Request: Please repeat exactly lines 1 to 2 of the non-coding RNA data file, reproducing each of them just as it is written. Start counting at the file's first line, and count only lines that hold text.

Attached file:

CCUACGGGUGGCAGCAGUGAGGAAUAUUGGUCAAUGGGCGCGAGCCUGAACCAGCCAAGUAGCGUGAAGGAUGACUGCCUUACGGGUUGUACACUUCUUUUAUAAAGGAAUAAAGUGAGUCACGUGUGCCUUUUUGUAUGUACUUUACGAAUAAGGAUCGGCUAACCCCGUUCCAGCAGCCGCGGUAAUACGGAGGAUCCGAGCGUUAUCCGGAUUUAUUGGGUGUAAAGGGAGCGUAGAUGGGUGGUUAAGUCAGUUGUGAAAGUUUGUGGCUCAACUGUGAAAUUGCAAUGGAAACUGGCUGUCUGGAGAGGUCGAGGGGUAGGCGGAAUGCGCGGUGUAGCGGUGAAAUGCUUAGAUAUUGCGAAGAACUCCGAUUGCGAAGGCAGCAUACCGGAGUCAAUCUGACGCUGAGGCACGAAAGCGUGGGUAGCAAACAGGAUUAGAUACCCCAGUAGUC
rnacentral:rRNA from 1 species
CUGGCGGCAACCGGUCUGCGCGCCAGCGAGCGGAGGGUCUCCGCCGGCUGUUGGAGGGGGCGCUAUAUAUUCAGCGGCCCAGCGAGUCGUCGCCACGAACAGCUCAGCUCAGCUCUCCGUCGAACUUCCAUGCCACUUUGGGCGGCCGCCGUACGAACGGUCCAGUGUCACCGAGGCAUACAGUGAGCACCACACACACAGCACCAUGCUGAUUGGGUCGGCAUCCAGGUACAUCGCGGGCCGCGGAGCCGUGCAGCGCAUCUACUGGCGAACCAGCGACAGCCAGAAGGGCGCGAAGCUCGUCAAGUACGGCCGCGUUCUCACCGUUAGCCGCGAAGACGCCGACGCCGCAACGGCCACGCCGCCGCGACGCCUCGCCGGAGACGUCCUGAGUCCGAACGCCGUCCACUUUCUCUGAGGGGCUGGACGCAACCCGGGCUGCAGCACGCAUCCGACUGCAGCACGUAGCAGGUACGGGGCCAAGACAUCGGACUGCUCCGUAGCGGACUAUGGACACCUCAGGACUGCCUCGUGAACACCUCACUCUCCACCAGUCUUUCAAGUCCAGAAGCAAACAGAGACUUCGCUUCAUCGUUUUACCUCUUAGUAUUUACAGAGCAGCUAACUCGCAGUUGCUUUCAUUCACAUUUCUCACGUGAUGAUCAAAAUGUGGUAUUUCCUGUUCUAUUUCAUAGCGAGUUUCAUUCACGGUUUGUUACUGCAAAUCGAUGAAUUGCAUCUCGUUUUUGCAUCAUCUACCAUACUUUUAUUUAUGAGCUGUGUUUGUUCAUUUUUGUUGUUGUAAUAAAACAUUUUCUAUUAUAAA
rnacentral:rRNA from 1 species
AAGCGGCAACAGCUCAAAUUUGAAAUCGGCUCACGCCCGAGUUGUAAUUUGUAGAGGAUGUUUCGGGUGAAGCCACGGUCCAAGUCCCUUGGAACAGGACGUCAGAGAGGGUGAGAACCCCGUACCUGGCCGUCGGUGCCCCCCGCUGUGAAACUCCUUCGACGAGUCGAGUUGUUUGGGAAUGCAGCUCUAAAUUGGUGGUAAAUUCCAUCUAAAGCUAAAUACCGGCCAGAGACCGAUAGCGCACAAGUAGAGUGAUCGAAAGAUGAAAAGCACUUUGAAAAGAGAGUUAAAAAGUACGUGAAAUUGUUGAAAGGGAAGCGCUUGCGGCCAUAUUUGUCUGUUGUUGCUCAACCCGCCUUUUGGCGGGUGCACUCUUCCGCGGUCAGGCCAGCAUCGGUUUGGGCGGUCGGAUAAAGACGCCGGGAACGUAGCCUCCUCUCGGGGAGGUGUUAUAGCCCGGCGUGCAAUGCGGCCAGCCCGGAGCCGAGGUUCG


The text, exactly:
CCUACGGGUGGCAGCAGUGAGGAAUAUUGGUCAAUGGGCGCGAGCCUGAACCAGCCAAGUAGCGUGAAGGAUGACUGCCUUACGGGUUGUACACUUCUUUUAUAAAGGAAUAAAGUGAGUCACGUGUGCCUUUUUGUAUGUACUUUACGAAUAAGGAUCGGCUAACCCCGUUCCAGCAGCCGCGGUAAUACGGAGGAUCCGAGCGUUAUCCGGAUUUAUUGGGUGUAAAGGGAGCGUAGAUGGGUGGUUAAGUCAGUUGUGAAAGUUUGUGGCUCAACUGUGAAAUUGCAAUGGAAACUGGCUGUCUGGAGAGGUCGAGGGGUAGGCGGAAUGCGCGGUGUAGCGGUGAAAUGCUUAGAUAUUGCGAAGAACUCCGAUUGCGAAGGCAGCAUACCGGAGUCAAUCUGACGCUGAGGCACGAAAGCGUGGGUAGCAAACAGGAUUAGAUACCCCAGUAGUC
rnacentral:rRNA from 1 species